Government announces $92.6m for health system to cope with COVID-19

The Government has announced a $92.6m injection into the health system to help it cope with the impacts of COVID-19 - and prepare for any future outbreaks.

Revealing the package on Sunday, Health Minister David Clark said the money would go to the essential health services which had stepped up to help during the crisis.

"Many health services were called on to do much more, or to continue providing care under difficult conditions during the COVID-19 outbreak," he said.

"We know this came at a significant expense to these groups. The support we're confirming today is to meet these costs and to strengthen their ability to continue providing services."

Where the money is going:

  • $37 million for COVID-19 testing
  • $18 million for 365 critical community pharmacies
  • $5.48 million in funding for midwives
  • $10 million for DHB ventilator and respiratory equipment
  • $7.33 million to support hospices
  • $14.8 million to support the National Telehealth Service

Clark said the investment in testing will make sure the health system is able to swiftly detect and contain the disease if it re-emerges.

"Testing is the starting point for identifying and containing the spread of COVID-19," he said.

"We can now process 12,500 a day and have completed over 300,000 individual tests. That's an incredible achievement by those working in our medical labs."

The National Telehealth Service gets a boost for its border activities and contact tracing, which played a "vital role" in containing and managing the outbreak.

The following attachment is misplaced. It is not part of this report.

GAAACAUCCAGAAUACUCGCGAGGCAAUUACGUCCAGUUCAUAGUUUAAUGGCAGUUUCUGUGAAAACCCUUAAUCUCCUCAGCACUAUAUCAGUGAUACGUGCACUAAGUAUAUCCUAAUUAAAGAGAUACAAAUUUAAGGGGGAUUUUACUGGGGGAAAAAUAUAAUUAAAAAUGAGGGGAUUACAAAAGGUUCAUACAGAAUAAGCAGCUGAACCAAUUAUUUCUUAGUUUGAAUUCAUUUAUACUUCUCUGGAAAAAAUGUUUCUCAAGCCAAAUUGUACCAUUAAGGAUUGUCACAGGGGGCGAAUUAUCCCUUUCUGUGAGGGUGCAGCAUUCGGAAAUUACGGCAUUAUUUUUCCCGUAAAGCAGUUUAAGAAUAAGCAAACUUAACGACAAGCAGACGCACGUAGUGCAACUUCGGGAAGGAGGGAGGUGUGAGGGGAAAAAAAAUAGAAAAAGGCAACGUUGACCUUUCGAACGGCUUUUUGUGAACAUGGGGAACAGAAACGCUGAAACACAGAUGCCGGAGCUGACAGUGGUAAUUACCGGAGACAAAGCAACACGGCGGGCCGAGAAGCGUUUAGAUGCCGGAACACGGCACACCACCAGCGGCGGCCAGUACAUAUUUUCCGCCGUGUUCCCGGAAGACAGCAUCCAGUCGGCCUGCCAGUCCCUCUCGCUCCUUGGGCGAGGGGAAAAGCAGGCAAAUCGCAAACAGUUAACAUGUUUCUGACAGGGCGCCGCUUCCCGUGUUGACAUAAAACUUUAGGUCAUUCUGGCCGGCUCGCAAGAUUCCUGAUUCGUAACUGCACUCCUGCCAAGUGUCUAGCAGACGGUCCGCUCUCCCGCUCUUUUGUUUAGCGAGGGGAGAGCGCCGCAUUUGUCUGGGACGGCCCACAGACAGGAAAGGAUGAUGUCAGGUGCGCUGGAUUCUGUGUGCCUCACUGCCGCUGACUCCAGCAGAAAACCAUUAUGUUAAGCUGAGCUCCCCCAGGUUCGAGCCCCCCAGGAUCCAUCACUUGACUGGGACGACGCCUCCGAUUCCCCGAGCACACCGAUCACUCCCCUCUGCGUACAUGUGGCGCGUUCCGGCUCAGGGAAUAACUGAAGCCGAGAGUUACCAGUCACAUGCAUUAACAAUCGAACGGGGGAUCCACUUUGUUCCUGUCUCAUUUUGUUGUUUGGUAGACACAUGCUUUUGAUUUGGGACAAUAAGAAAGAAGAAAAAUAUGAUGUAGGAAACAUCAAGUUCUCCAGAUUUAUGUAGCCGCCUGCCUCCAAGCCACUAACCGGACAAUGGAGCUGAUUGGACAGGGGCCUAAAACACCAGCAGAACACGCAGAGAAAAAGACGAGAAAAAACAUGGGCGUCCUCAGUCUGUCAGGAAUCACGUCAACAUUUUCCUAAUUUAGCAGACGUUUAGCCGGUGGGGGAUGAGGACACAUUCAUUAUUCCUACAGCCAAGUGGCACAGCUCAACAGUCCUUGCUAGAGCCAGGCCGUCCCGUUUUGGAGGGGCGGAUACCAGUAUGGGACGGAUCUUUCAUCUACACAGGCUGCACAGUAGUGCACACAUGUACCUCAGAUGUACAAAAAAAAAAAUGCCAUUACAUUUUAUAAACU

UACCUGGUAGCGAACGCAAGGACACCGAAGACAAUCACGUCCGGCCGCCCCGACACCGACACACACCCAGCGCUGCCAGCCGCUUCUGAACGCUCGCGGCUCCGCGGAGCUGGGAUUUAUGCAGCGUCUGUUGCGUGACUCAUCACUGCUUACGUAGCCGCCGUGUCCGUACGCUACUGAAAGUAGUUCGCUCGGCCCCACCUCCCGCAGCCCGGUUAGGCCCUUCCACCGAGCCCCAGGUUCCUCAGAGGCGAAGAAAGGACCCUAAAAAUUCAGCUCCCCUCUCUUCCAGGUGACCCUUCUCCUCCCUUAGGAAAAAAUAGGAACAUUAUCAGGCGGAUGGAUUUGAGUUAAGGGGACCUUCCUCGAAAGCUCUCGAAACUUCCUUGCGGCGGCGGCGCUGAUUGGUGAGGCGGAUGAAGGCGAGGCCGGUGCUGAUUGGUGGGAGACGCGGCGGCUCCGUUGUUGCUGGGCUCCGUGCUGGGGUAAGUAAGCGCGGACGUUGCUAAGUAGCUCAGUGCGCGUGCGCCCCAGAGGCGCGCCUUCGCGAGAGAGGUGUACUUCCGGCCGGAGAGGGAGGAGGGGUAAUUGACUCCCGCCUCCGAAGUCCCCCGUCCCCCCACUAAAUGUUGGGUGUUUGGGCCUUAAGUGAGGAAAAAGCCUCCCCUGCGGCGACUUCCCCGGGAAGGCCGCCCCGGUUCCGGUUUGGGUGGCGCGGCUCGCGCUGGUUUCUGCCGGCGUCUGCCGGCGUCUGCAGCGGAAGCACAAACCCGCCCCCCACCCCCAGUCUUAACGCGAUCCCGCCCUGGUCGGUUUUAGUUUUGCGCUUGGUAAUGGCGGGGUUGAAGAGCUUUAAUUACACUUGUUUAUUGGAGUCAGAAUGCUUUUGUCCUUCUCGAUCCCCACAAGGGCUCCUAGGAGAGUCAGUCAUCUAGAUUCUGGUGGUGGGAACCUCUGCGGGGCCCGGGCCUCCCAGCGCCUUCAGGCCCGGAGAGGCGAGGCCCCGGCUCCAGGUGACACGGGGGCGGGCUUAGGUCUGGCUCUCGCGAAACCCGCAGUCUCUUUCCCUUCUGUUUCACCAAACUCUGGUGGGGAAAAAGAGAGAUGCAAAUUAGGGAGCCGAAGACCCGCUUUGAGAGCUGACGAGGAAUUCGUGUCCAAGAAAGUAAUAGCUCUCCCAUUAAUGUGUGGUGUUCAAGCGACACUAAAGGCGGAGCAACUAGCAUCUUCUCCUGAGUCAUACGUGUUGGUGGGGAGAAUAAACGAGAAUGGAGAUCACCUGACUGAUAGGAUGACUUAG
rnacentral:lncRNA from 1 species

Midwives will get a one-off lump sum of $2500 each to make up for the additional costs they incurred as they provided essential care to pregnant, birthing and postnatal women during lockdown, Clark said.

Similarly, pharmacies and hospices get extra funding to acknowledge their work during alert level 4.

DHBs get $10 million to purchase new ventilators and other respiratory equipment needed to care for patients with severe breathing difficulties caused by the virus.

"Our success in countering COVID-19 over the last three months has given our health services the chance to further strengthen their readiness for any future outbreak and the Government is backing them to do that," Clark said.

"All of these services and their staff stepped up when we needed them to, and I believe all New Zealanders will want me to again acknowledge their vital work to protect and care for us."